In their latest policy decision, Glenn Stevens and his buddies at the Reserve Bank of Australia (RBA) decided to give the markets a nice Halloween surprise by hiking rates by another 0.25%. According to the minutes of their meeting, RBA policymakers based their decision to increase interest rates on the expected acceleration of inflation.
In fact, RBA officials noted that annual inflation surged beyond their 2-3% target in October. They estimate that the rise in consumer prices will moderate in the near term, but could still exceed their target by mid-2011. The RBA’s hawkish tone was also supported by forecasts that project that the Australian economy will expand by 3.75% by the end of 2011.
Do these optimistic estimates hint at another rate hike?
Well, market junkies aren’t exactly keeping their fingers crossed. My forex minions told me that bets for another rate hike only range from 15% to 25%. This is probably because the RBA already considered the medium-term risks and benefits of raising its interest rates.
Also, recent economic events are favoring a pause in hiking rates. For one, the unemployment rate rose from 5.1% to 5.4% in October. And then there are the consumers who are feeling the weight of high interest rates. The Westpac Consumer Confidence report released earlier this month dropped by 5.3% mainly because more consumers are getting jumpy on higher mortgage payments that come with high interest rates.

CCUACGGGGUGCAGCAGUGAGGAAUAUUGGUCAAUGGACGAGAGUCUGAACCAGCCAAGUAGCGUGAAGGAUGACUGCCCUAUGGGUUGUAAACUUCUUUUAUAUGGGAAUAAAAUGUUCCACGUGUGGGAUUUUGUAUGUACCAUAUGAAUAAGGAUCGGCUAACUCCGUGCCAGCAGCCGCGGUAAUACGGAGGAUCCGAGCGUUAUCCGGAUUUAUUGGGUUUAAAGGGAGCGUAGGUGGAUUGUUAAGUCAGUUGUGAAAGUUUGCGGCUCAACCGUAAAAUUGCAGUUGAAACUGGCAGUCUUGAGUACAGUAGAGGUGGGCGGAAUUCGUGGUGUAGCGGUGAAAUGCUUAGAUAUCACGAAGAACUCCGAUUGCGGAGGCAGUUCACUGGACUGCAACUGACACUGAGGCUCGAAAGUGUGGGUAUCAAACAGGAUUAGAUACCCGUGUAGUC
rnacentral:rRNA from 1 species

Last but not the least, global economic risks have come back to haunt the markets like the ghost in Paranormal Activity haunts Katie Featherston’s family. You see, one of the factors in the RBA’s interest hike was presumably the lessening of risks to global economic recovery.
But now that talks of Ireland’s possible bailout, doubts on the Fed’s QE, and even the possibility of China raising interest rates have popped up in markets, the RBA now has more reasons to keep its borrowing costs steady.
Even though the Aussie is unlikely to enjoy an RBA rate hike for Christmas this year, it could still end the year on a high note. For one thing, the Fed’s decision to pump even more money in the U.S. economy could provide a boost for the Aussie. Recall that the dollar has been on a major slide the past couple of months as investors have shied away and instead have been moving their funds towards the Australian dollar. Why? Duh, high(er) interest rates!
And let’s not forget the impact of gold. Gold has become increasingly attractive lately, as it serves not only as an alternative investment, but as a hedge as well. With all the confusion in the markets, gold has remained strong over the past year, benefiting from both risk aversion and risk appetite. This in turn, has also benefitted the Aussie, as it has a strong correlation with gold. With the bullish run showing no signs of slowing down, we could see both gold and the Aussie climb up the charts.
There are however, some concerns about the effects of a rising Aussie on the economy. If the Australian dollar continues to rise, it could present problems down the line for Australian exports. Remember, a strong currency can reduce demand for a country’s exports, as its good become more expensive relative to that of its competitors. If AUD/USD bursts through parity once again and post new highs, it will be interesting to see what effect this could have on the Australian economy.